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    Catching up with the EU [NGW Magazine]


Big oil must align with European Union aspirations to reach net zero by 2050 but time is not on its side. [NGW Magazine Volume 5, Issue 3]

by: Charles Ellinas

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Top Stories, Europe, Premium, NGW Magazine Articles, Volume 5, Issue 3, Energy Transition, Carbon, EU

Catching up with the EU [NGW Magazine]

BP’s incoming CEO Bernard Looney wants to reposition the company in response to the changing climate. He is therefore considering a new strategy that may require a major shake-up of the corporate structure and the way in which it does business.

The overhaul is likely to include extending emissions targets to its products -- such as jetfuel – once they have been used by customers, which are known as Scope 3 emissions (see separate feature on the IEA report).

He also told the Financial Times in January that he wants to inject ‘realism’– a rare commodity – into the debate as there is still robust demand for hydrocarbons.

This realism will be welcome, if it can indeed be injected. All the international oil and gas companies (IOCs) are under heavy pressure from activists and shareholders – now often the same people -- to do more to limit global warming, but the world still needs hydrocarbons.

Even the International Energy Agency (IEA) has joined in with its latest report, and this is a body normally keen to see plenty of upstream investment so that oil flows and prices are stable (see separate feature).

Eliminating greenhouse gas emissions takes a lot of thought: the IOCs have to balance it with sustaining their traditional business that funds that work – and also generates the high revenues that keep their shareholders, such as pension funds, satisfied. That means they have to keep investing upstream.

But no matter what they do, it is not going to be enough to satisfy Greenpeace and those like it, who appear to be caught up in a galloping inflation of anti-consumerist rhetoric. Commenting on Looney’s plans, Greenpeace said: “The role of oil companies is to stop being oil companies – to stop wasting money drilling for unburnable new reserves.”

The polarisation of the climate change debate is further demonstrated by the situation that the Norwegian oil company Lundin Petroleum is finding itself in. The discoverer of the giant Johan Sverdrup oil-field, it has just pledged to become carbon neutral by 2030 – by reducing emissions from operations, improving energy efficiency and developing carbon capture mechanisms. It is even replacing ‘Petroleum’ with ‘Energy’ in its name.

Rather than welcoming the explicit change of direction, Greenpeace swiftly accused the energy company of hypocrisy, adding that the “only real answer” to the climate emergency is to quickly phase-out all extraction and burning of fossil fuels. Lundin simply has to pivot or die” – uncompromising and extreme, but also unhelpful and impractical.

As the IEA has made it abundantly clear in its report, the demand for oil and gas will continue well into the future, including in Europe. Annual depletion of reserves means that more resources need development to meet this demand affordably.

Oil and gas companies must regain trust

Energy companies have been slow to accept the realities and risks of climate change, being tied to oil, gas and in some cases coal as sources of supply. They have also been reluctant to shift capital expenditure into low-carbon activity, although some have introduced incentives for their divisional teams to come up with energy- or emission- saving ideas for their department.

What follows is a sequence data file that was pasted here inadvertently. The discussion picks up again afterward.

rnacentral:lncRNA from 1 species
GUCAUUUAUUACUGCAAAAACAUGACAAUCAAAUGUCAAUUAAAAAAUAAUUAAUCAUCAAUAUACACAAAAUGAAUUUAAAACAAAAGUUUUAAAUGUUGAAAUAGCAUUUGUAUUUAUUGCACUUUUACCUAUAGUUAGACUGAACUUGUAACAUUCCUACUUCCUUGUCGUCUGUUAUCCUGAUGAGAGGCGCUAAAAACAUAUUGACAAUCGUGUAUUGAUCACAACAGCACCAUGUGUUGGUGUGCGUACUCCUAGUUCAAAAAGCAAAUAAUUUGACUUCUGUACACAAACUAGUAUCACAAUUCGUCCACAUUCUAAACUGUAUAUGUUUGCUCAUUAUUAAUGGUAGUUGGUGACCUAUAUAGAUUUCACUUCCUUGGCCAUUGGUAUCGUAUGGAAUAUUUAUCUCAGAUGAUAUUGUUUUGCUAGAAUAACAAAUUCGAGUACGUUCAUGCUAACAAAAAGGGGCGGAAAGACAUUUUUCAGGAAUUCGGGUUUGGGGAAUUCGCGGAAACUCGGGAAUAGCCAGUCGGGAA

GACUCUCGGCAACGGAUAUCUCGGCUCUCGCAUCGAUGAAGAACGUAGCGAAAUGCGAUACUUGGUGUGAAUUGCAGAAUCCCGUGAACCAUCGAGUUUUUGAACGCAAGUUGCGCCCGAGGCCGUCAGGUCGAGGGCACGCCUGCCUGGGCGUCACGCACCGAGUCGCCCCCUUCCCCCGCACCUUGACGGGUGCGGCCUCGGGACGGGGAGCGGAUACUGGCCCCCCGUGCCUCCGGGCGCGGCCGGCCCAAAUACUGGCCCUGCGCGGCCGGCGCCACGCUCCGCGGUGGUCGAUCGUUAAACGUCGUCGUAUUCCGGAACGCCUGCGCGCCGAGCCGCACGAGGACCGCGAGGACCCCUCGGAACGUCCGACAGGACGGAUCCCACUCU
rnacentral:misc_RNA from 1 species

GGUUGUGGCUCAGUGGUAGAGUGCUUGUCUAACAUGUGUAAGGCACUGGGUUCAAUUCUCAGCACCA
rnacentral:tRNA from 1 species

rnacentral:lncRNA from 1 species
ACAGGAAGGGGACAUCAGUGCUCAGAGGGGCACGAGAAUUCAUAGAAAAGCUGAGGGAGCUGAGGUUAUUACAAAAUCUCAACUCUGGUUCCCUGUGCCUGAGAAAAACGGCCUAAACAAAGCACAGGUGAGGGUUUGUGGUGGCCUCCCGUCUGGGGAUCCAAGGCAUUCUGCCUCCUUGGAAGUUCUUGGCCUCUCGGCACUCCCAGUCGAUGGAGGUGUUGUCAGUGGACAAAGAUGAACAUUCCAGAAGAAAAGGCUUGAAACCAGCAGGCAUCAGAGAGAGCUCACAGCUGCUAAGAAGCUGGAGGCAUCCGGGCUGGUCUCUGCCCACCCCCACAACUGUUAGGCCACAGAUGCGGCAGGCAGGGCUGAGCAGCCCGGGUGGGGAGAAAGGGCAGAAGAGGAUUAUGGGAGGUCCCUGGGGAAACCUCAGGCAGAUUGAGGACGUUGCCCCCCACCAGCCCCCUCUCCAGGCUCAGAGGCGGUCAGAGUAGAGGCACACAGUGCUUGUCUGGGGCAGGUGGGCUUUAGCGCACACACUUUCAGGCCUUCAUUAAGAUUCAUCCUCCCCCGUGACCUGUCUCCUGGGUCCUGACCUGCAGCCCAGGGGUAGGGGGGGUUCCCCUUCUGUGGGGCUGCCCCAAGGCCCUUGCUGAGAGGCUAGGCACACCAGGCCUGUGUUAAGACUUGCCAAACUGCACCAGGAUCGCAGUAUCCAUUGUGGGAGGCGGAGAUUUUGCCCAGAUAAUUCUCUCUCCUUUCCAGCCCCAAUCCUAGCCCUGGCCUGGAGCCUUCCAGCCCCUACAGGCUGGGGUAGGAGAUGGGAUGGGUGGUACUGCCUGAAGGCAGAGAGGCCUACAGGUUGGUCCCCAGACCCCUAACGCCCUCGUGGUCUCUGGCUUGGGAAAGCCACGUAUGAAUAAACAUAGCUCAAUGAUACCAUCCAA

But as energy researcher Nick Butler says, “the generalisation of specific mistakes into condemnation of the whole sector is… both unfair and dangerous. Unfair, because most energy companies work to high standards of behaviour, pay their taxes and provide essential services to consumers. Dangerous, because the policy debate needs the expertise of those who will be expected to keep providing the energy the world needs.”

These are strong reasons to keep oil and gas companies as active participants in the public policy debate in Europe and the preparation of the Green Deal. They have more to offer from within than from without, given their technological reach and inhouse knowledge. And as Butler says: “That is the only way the corporates can regain trust and the only way we will reach viable, practical solutions to the challenge of climate change.”

The message is not getting through

At a lively discussion at the European Gas Conference (EGC2020) in Vienna on January 27 on natural gas and the European Green Deal, it became apparent that the message from the oil and gas industry, if there is one, is not getting through to the policy-makers.

The European Green Deal has the potential to become a framework to guide energy in Europe to a net-zero carbon future over the next 30 years or so. But without direct participation by the energy industry, it is in danger of being unbalanced.

So far, the agenda on climate change seems to be dictated by activist non-governmental organisations (NGOs) and what European politicians and members of parliament (MEPs) consider to be the wishes of their electorates. In addition, the renewables industry is managing successfully to present gas as no more than a short-term successor to coal on the way to a zero or negative carbon future.

Methane emissions across the value chain are a big part of the problem that gas faces. The industry has no convincing measured and certified data on methane emissions, or emissions associated with LNG, to present. It needs an agreement on how to measure data and an agreed methodology on how to certify it.

There has also been a lot of talk from the industry about plans to invest in carbon capture and storage as a key solution, but that needs policy support, it says, or a very much higher carbon price to provide the incentive to invest. But waiting until that price is reached is not a narrative that suits the European Commission (EC) and general, 2050-targeted, statements are not enough either.